Causes of Naive Ethanol Avoidance in Drosophila Melanogaster

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2016-06-22

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Ritz, Morgan Paige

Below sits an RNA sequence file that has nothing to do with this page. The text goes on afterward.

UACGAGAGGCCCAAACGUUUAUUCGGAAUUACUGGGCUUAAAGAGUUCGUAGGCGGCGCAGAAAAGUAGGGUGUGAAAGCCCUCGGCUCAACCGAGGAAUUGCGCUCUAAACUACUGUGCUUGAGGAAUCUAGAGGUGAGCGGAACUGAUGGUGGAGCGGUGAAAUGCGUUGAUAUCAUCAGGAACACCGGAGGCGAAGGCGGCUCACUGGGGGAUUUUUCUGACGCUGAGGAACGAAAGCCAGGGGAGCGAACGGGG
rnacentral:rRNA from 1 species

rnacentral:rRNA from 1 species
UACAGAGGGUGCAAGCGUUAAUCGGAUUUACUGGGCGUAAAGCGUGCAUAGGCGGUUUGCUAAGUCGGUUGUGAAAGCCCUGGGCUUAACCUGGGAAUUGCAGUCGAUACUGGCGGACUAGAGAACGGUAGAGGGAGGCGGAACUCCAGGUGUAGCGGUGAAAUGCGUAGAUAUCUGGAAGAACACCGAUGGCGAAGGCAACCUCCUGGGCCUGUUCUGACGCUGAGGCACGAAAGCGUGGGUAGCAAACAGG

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BACKGROUND: Alcohol dependence is a pressing public health concern, yet little is still known about its molecular causes. Although current studies have started to understand human addiction, Drosophila research is used as a tool to carry out more genetic and behavioral approaches that are crucial in learning about the addiction process. OBJECTIVE: The aim of this project was to understand the mechanisms of ethanol avoidance in Drosophila. METHODS: I applied quantitative ingestion assays to determine the amounts of food flies ate, with or without supplemented ethanol. I also used a choice assay, the FRAPPE, to determine whether naive flies exhibited preference for 15% ethanol. To interfere with neuronal function, I used the Gal4/UAS system, which allows for tissue specific manipulation of the activity of both neurons and genes. RESULTS: On average, Drosophila flies ate less sucrose when ethanol was added. One reason for this was that fewer flies initiated feeding. Upon silencing of gustatory neurons that perceive aversive tastes, flies showed less aversion to ethanol-containing food in the choice FRAPPE assay. As I increased the starvation time, almost all flies initiated feeding, but consumption amounts were still lowered when ethanol was supplemented. Additional feeding experiments where flies were only exposed to ethanol odor, but were unable to touch it, suggested that ethanol odor also suppresses food intake. I corroborated this with ethanol vapor exposures of defined intensity and duration: during the first minute of exposure, ethanol vapor stimulated food intake, but beyond that, it caused a suppression. Mutation in the ics gene affected ethanol-induced food suppression, but had no effect on the initial ethanol-induced stimulation of food intake. CONCLUSION: Drosophila flies show multimodal suppression of food intake by ethanol. Both the taste and smell of ethanol can reduce sucrose consumption. Interestingly, ethanol odor initially enhanced, but with continued exposure suppressed food intake. This suppression was abolished in ics mutants. This gene, whose human ortholog is linked to alcohol abuse disorders, is therefore critical for alcohol aversion, explaining how ics mutant flies show high, naive preference for ethanol-containing food.

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